Since the beginning of the pandemic, the world has become much better acquainted with the term ‘flexible working’. However, this phrase doesn’t only relate to working in a way that fits around your lifestyle. For many people with long-term conditions, flexible working is the key to establishing a sustainable and inclusive career. Flexible working adjustments are often simple for employers to introduce, but can lead to great results for both individuals and forward-thinking organisations.
Here are five key ways that flexible working arrangements can empower people with long-term conditions…
Flexible Working Overcomes The Barriers People With Long-Term Illnesses Face When Entering Work
For many people managing a chronic illness or Energy Limiting Condition, one of the biggest barriers they face when trying to enter work is a lack of suitable opportunities to apply for. A traditional 9-5 role in a physical workplace isn’t inclusive for everybody, and many people are specifically looking for reduced hours and/or flexible roles. Research by Astriid in 2021 found that flexible working was by-far the most frequently searched-for adjustment when survey participants were seeking roles to apply for.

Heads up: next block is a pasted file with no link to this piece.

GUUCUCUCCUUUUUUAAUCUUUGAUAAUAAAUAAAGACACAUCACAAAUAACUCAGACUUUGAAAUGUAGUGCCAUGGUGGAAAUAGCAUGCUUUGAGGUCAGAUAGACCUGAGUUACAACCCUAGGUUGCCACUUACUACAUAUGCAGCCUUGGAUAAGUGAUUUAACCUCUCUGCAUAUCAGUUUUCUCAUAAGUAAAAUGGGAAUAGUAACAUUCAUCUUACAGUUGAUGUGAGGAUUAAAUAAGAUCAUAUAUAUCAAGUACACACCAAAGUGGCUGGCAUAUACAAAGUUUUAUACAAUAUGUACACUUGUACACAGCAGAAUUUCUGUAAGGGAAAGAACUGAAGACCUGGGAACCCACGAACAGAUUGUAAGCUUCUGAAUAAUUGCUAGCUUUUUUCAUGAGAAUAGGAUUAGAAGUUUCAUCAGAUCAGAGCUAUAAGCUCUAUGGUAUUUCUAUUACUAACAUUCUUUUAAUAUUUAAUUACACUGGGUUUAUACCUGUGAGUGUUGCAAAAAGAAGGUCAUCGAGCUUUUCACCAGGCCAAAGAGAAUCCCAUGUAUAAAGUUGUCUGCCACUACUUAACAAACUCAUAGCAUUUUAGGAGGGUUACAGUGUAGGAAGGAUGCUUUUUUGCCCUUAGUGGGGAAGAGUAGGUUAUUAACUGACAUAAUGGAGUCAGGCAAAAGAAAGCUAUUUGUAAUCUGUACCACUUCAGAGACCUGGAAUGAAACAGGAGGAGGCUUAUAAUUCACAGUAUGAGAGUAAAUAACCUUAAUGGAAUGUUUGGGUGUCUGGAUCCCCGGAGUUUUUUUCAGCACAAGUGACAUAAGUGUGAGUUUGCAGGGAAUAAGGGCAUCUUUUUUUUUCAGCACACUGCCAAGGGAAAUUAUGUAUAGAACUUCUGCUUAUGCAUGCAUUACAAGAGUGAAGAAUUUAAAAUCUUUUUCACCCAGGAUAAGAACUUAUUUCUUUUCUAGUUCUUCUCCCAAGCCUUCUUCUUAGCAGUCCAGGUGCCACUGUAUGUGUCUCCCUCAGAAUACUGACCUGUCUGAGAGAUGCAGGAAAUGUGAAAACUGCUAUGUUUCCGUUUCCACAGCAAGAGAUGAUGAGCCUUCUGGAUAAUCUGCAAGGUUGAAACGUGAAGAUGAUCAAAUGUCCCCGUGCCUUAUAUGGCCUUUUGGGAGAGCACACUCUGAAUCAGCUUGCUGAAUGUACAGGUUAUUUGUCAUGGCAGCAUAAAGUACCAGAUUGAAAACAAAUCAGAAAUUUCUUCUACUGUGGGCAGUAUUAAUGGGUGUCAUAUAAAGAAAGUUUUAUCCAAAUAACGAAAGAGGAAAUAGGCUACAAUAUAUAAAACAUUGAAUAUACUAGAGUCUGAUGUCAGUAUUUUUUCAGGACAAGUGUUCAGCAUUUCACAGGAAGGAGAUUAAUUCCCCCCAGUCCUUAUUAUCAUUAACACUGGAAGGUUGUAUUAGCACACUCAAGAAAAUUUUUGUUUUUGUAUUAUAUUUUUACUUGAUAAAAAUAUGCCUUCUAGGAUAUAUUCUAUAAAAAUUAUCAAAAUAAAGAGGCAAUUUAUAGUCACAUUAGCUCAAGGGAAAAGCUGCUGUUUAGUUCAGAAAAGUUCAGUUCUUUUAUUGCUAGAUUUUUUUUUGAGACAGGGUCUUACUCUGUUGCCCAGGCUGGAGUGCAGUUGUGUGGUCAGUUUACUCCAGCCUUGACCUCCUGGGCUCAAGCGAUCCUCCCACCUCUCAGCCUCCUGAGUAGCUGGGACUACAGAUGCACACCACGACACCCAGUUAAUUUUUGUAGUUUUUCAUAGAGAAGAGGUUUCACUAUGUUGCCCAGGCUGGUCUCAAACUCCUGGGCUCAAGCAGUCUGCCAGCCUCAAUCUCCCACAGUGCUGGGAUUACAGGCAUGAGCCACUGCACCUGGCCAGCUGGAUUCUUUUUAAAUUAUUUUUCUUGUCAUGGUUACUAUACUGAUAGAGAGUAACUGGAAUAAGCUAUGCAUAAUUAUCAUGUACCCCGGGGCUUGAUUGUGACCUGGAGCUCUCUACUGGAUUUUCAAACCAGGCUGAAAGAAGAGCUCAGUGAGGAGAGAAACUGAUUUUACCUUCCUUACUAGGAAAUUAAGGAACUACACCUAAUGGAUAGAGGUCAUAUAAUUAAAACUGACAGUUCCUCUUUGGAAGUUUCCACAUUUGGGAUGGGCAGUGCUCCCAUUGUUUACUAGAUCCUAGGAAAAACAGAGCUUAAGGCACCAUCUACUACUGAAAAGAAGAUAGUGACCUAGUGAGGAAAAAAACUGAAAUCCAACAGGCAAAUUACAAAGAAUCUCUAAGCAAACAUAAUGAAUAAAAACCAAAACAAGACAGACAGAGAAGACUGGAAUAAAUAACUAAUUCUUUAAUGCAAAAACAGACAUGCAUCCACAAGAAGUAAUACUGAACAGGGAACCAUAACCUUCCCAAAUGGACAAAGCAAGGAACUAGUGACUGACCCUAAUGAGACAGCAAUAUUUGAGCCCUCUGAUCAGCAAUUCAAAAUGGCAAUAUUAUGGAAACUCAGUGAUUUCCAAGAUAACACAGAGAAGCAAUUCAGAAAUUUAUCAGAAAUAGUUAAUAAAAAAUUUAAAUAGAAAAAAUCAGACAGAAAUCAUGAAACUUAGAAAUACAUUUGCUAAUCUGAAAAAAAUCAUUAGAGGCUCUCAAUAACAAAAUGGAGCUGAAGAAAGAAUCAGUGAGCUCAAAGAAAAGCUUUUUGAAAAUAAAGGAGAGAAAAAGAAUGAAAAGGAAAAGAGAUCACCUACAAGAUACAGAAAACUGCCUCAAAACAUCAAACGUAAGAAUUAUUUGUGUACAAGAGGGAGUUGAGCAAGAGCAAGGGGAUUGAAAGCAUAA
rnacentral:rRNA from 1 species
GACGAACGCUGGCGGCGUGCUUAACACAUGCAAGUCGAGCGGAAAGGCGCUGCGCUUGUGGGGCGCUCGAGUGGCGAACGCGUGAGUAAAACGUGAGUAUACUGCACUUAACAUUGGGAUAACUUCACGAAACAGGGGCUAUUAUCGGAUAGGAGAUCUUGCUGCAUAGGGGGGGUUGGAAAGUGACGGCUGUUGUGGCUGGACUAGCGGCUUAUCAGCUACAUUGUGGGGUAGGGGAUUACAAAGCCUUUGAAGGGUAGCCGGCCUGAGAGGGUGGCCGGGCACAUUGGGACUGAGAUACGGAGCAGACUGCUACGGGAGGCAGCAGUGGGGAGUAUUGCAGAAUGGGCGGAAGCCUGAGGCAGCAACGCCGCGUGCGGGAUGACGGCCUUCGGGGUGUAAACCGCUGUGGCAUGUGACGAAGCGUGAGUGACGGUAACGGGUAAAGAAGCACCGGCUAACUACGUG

Even if the role in question hasn’t been designed with those adjustments in mind, stipulating that flexible working is possible and that your organisation takes a proactive approach in this area may encourage talented people with long-term conditions to apply, and take that first step towards finding meaningful work.
Flexible Working Optimises Productivity at Work
Every individual works differently, and we know better than anybody else what working patterns will allow us to perform at our best. Productivity means different things for different people, but giving employees the flexibility to work in a way and at a time that feels right to them can have immensely positive results.
Not only are people more likely to perform better and accomplish more within their working hours, they’re also likely to report more happiness and job satisfaction at the same time. According to research reported by the CIPD, 9 in 10 employees consider flexible working to be a key motivator to their productivity at work – in fact, 77% of participants even reported that flexible working was a greater motivator than even financial incentives.
Flexible Working Enables People To Manage Their Health Conditions And/Or Treatment Plans Around Working Life
Managing a long-term illness can feel like a full-time job. Those affected have to carefully manage their daily activities and factor in time for ‘illness admin’ – medical appointments, treatment plans, even keeping on top of medication organisation. These things simply cannot be pushed aside or de-prioritised if somebody wants to maintain a career over the longer-term.